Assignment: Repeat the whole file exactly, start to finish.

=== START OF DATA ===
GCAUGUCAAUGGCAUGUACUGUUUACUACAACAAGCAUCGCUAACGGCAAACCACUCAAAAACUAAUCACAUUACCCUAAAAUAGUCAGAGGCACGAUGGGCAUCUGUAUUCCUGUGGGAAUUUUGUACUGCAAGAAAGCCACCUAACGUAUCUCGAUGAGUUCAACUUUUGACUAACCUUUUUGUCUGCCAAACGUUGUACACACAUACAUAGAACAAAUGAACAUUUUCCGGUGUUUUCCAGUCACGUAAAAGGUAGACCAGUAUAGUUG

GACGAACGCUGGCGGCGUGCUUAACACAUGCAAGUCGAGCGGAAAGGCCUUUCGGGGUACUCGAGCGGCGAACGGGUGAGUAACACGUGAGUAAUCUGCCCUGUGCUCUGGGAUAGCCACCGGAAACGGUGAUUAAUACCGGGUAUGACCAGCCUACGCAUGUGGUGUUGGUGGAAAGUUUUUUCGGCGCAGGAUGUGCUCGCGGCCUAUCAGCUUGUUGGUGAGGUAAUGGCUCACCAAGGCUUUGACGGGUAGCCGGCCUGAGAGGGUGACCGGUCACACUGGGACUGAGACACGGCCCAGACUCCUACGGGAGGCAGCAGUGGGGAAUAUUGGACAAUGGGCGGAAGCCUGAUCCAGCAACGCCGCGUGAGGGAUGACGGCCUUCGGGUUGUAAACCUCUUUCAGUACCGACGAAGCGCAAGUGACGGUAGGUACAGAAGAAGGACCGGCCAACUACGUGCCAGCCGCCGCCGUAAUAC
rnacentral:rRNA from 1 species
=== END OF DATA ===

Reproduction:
GCAUGUCAAUGGCAUGUACUGUUUACUACAACAAGCAUCGCUAACGGCAAACCACUCAAAAACUAAUCACAUUACCCUAAAAUAGUCAGAGGCACGAUGGGCAUCUGUAUUCCUGUGGGAAUUUUGUACUGCAAGAAAGCCACCUAACGUAUCUCGAUGAGUUCAACUUUUGACUAACCUUUUUGUCUGCCAAACGUUGUACACACAUACAUAGAACAAAUGAACAUUUUCCGGUGUUUUCCAGUCACGUAAAAGGUAGACCAGUAUAGUUG

GACGAACGCUGGCGGCGUGCUUAACACAUGCAAGUCGAGCGGAAAGGCCUUUCGGGGUACUCGAGCGGCGAACGGGUGAGUAACACGUGAGUAAUCUGCCCUGUGCUCUGGGAUAGCCACCGGAAACGGUGAUUAAUACCGGGUAUGACCAGCCUACGCAUGUGGUGUUGGUGGAAAGUUUUUUCGGCGCAGGAUGUGCUCGCGGCCUAUCAGCUUGUUGGUGAGGUAAUGGCUCACCAAGGCUUUGACGGGUAGCCGGCCUGAGAGGGUGACCGGUCACACUGGGACUGAGACACGGCCCAGACUCCUACGGGAGGCAGCAGUGGGGAAUAUUGGACAAUGGGCGGAAGCCUGAUCCAGCAACGCCGCGUGAGGGAUGACGGCCUUCGGGUUGUAAACCUCUUUCAGUACCGACGAAGCGCAAGUGACGGUAGGUACAGAAGAAGGACCGGCCAACUACGUGCCAGCCGCCGCCGUAAUAC
rnacentral:rRNA from 1 species